From trolling to surfcasting – a conversion of passion

From trolling to surfcasting – a conversion of passion

By, Ted Abbott

 

Ted Abbott casting at dusk on a November evening at East Beach in Watch Hill, RI

Ted Abbott is an avid boater, but when it comes to fishing he’s happiest with his toes firmly planted in the sand of East Beach in Watch Hill, where surfcasters appear to be part of the natural landscape regardless of season.

And his toes are firmly planted in that sand just about every day.

No, he’s not retired or independently wealthy. But he is addicted to the adrenaline rush of a bent pole and the fight to reel one in. Unless there’s a gale blowing or it’s pouring rain, Abbott is out there before work. And sometimes after work too. But surfcasting is a new and more intense chapter for him. Prior to his conversion from boat casting, he enjoyed an occasional outing on the reefs, though he wasn’t passionate about it. Now, you’d better have a pretty good offer in order to take him away from his routine of mornings and evenings on the beach.

“It’s just a nicer experience than bobbing around in my boat and watching the helm and the waves and trying to focus on fishing,” Abbott explained. “And there’s always a group of guys on the beach you can talk to and share info with.”

Abbott’s transition to surfcasting was a slow, methodical process. He went from the classic center console fishing scenario off Watch Hill and Fishers Island near his Pawcatuck, CT, home in southeastern Connecticut to kayak fishing in the Pawcatuck River, which creates the border between Connecticut and Rhode Island in that area.

Ted Abbott with a Bonito in August

But all the prep work that goes into kayak fishing or getting his Key West 23 down the river and out to the fishing grounds was getting old. Meanwhile, his thoughts started turning to that devout crew of surfcasters who dot the pristine beaches of the southern Rhode Island shoreline. You’ll find them there nearly every month, trying their luck deep into winter and refreshing their skills early in Spring.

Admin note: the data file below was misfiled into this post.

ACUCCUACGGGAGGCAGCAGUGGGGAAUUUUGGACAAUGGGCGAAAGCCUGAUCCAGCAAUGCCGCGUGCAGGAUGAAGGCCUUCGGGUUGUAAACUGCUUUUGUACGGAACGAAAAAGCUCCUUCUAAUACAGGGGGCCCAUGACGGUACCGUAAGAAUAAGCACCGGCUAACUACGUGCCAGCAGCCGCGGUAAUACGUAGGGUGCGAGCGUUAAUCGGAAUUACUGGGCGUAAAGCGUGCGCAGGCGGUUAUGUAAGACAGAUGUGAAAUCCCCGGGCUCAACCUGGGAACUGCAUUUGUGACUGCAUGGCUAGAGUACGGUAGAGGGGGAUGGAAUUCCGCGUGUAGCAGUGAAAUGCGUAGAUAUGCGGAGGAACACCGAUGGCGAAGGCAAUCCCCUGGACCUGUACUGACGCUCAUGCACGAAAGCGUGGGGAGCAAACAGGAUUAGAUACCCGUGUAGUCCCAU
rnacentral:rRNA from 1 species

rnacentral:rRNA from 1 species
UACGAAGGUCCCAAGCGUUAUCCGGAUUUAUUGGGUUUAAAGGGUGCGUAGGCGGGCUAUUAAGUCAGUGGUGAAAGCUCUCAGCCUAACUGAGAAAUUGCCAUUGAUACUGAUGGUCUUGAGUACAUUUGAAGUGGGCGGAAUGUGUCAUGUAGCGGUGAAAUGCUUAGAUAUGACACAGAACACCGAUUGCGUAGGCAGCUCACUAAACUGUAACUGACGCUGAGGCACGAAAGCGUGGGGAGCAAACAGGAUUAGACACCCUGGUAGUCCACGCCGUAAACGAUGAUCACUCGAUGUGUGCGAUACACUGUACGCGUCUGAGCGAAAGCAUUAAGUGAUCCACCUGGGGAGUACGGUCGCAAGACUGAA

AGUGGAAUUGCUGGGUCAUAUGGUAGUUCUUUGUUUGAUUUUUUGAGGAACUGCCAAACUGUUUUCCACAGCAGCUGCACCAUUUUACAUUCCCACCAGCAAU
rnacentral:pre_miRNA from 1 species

Abbott started driving to East Beach in Watch Hill and nearby Weekapaug, trudging to the shore with coffee, rod, and tackle in hand.

After a few successful trips, his interest in the world of surfcasting took off like a bonito making a run.

He got his Beach Vehicle Permit from the RI Coastal Resources Management Council. He converted his Toyota 4-Runner into a mobile tackle shop, with various rods strung up on either side of the cargo compartment and all manner of gear and tackle splayed about beneath it. He outfitted himself with gear to keep any forecast from interfering with his passion. And he regularly reads the ristripedbass blog and StripersOnline to absorb every tip and trick he can.

Now, like clockwork, his 4-Runner leaves the driveway every morning at or before dawn for the short, one-cup trip to the shore and his newfound buddies in waders. It’s a friendly crew that has taken in their new crewmember with fish stories and tackle tips. He’s earned his place, landing stripers with the best of them. And they didn’t even snub him after he reeled in a prized bonito when everyone else was coming up empty.

“Everyone’s friendly and I can go to my car and sit and change gear or tackle depending on what’s happening. I’m not bouncing around in the boat while I’m changing rigs. And if there’s no action I’m back home without any hassle.”

That camaraderie and relaxed style of fishing, with his wader-ensconced toes firmly on the sand, has made Abbott a passionate surfcaster, part of the landscape of southern Rhode Island.

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